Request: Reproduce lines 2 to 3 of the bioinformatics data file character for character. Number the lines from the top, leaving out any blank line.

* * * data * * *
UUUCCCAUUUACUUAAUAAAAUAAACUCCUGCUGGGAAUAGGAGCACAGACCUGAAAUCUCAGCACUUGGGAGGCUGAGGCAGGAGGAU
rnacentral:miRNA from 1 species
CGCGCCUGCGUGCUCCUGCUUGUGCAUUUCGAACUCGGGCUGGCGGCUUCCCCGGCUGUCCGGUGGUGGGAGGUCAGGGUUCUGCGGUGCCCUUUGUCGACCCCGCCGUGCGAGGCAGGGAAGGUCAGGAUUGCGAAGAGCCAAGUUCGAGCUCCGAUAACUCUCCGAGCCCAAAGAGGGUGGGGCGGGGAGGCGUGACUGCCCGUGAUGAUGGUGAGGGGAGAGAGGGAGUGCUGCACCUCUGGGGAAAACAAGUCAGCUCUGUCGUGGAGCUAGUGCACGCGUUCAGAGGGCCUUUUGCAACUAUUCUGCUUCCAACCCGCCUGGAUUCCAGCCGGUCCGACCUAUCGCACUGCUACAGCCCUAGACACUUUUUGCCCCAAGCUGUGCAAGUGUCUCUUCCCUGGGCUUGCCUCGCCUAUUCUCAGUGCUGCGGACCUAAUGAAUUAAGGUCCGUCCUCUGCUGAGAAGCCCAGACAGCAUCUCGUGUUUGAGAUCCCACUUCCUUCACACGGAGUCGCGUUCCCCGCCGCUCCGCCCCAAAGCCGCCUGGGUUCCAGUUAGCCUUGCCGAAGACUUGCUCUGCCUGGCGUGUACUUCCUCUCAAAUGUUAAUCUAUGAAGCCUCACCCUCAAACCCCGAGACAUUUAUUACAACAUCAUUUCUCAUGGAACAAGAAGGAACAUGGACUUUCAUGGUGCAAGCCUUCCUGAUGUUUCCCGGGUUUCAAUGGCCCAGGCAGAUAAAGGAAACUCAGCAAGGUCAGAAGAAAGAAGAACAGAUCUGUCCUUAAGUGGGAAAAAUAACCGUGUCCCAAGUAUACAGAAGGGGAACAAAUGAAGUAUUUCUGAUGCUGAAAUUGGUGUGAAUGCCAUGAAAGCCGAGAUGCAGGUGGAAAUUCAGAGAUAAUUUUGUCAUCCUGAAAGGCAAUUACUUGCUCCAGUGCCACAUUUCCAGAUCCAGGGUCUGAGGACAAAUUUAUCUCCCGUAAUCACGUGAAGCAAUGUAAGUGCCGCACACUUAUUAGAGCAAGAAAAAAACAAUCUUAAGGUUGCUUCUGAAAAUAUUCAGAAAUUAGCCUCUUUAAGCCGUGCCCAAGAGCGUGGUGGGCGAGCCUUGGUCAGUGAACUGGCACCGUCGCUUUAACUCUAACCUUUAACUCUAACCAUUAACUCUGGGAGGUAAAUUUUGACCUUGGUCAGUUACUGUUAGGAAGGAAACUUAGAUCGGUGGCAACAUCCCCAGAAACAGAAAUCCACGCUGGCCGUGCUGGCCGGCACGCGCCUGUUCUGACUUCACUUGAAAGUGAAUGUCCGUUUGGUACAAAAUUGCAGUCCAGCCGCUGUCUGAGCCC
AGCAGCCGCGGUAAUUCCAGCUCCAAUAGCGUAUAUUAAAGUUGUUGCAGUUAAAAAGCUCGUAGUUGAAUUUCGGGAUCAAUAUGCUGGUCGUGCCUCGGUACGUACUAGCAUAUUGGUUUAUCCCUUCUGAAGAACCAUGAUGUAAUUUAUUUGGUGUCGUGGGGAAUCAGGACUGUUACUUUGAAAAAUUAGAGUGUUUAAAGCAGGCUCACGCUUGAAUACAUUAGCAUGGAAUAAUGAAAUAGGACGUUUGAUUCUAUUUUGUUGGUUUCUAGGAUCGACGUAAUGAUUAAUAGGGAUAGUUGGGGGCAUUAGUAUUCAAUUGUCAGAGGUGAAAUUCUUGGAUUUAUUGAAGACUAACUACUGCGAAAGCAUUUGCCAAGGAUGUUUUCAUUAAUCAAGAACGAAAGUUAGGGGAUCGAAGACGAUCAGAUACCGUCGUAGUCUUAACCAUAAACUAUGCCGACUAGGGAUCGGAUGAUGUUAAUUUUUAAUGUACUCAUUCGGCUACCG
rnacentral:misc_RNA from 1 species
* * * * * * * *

rnacentral:miRNA from 1 species
CGCGCCUGCGUGCUCCUGCUUGUGCAUUUCGAACUCGGGCUGGCGGCUUCCCCGGCUGUCCGGUGGUGGGAGGUCAGGGUUCUGCGGUGCCCUUUGUCGACCCCGCCGUGCGAGGCAGGGAAGGUCAGGAUUGCGAAGAGCCAAGUUCGAGCUCCGAUAACUCUCCGAGCCCAAAGAGGGUGGGGCGGGGAGGCGUGACUGCCCGUGAUGAUGGUGAGGGGAGAGAGGGAGUGCUGCACCUCUGGGGAAAACAAGUCAGCUCUGUCGUGGAGCUAGUGCACGCGUUCAGAGGGCCUUUUGCAACUAUUCUGCUUCCAACCCGCCUGGAUUCCAGCCGGUCCGACCUAUCGCACUGCUACAGCCCUAGACACUUUUUGCCCCAAGCUGUGCAAGUGUCUCUUCCCUGGGCUUGCCUCGCCUAUUCUCAGUGCUGCGGACCUAAUGAAUUAAGGUCCGUCCUCUGCUGAGAAGCCCAGACAGCAUCUCGUGUUUGAGAUCCCACUUCCUUCACACGGAGUCGCGUUCCCCGCCGCUCCGCCCCAAAGCCGCCUGGGUUCCAGUUAGCCUUGCCGAAGACUUGCUCUGCCUGGCGUGUACUUCCUCUCAAAUGUUAAUCUAUGAAGCCUCACCCUCAAACCCCGAGACAUUUAUUACAACAUCAUUUCUCAUGGAACAAGAAGGAACAUGGACUUUCAUGGUGCAAGCCUUCCUGAUGUUUCCCGGGUUUCAAUGGCCCAGGCAGAUAAAGGAAACUCAGCAAGGUCAGAAGAAAGAAGAACAGAUCUGUCCUUAAGUGGGAAAAAUAACCGUGUCCCAAGUAUACAGAAGGGGAACAAAUGAAGUAUUUCUGAUGCUGAAAUUGGUGUGAAUGCCAUGAAAGCCGAGAUGCAGGUGGAAAUUCAGAGAUAAUUUUGUCAUCCUGAAAGGCAAUUACUUGCUCCAGUGCCACAUUUCCAGAUCCAGGGUCUGAGGACAAAUUUAUCUCCCGUAAUCACGUGAAGCAAUGUAAGUGCCGCACACUUAUUAGAGCAAGAAAAAAACAAUCUUAAGGUUGCUUCUGAAAAUAUUCAGAAAUUAGCCUCUUUAAGCCGUGCCCAAGAGCGUGGUGGGCGAGCCUUGGUCAGUGAACUGGCACCGUCGCUUUAACUCUAACCUUUAACUCUAACCAUUAACUCUGGGAGGUAAAUUUUGACCUUGGUCAGUUACUGUUAGGAAGGAAACUUAGAUCGGUGGCAACAUCCCCAGAAACAGAAAUCCACGCUGGCCGUGCUGGCCGGCACGCGCCUGUUCUGACUUCACUUGAAAGUGAAUGUCCGUUUGGUACAAAAUUGCAGUCCAGCCGCUGUCUGAGCCC